CHN: Two Proposals for Reauthorizing TANF Introduced
Two bills recently introduced in the Senate take very different approaches to reauthorizing the Temporary Assistance for Needy Families (TANF) program, which provides cash assistance and help in moving from welfare to work for low-income families with children. The first, introduced by Senate Finance Committee Chair Orrin Hatch (R-UT) and Ranking Member Ron Wyden (D-OR) on Dec. 4, would extend TANF for three years. The bipartisan bill would eliminate the ability of states to waive existing work requirements altogether, as 22 states have done. It would also make it easier for individuals receiving TANF benefits to participate in drug abuse, mental health, or rehabilitation treatments, and broadens access to subsidized jobs or certain training programs. In addition, the bill would authorize a limited number of state and tribal TANF programs to operate 5-year demonstration projects to evaluate differing approaches to increase employment, earnings, family stability or other desired outcomes.
A more conservative bill, introduced on Nov. 29 by Sen. Steve Daines (R-MT), would reauthorize TANF for 5 years but would limit assistance to families with income no greater than 200 percent of the poverty level and would require all work-eligible individuals to meet monthly work hour requirements in order to receive benefits. This bill is similar to one that previously passed out of a House committee along party lines in May. There is little chance that Daines’ bill could pass in the Senate, where Democrats are unlikely to support it.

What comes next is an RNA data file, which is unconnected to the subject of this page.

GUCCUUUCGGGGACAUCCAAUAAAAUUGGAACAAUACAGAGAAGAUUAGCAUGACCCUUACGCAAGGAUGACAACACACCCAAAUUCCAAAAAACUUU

TANF has only been fully reauthorized once since its enactment in 1996, but it has been extended for short periods 25 times since 2010, including in the recent stopgap spending bill that will keep the government running through Dec. 21. The TANF block grant hasn’t received an increase in funding since 1996 and has lost almost 40 percent of its value due to inflation. A new report from the Center on Budget and Policy Priorities found that, for every 100 families in poverty in 2017, only 23 received direct financial assistance from TANF — down from 68 families in 1996. If a bipartisan reauthorization bill does not pass both chambers of Congress as a stand-alone bill or is not added to year-end FY19 spending bills, another temporary extension into 2019 will be needed.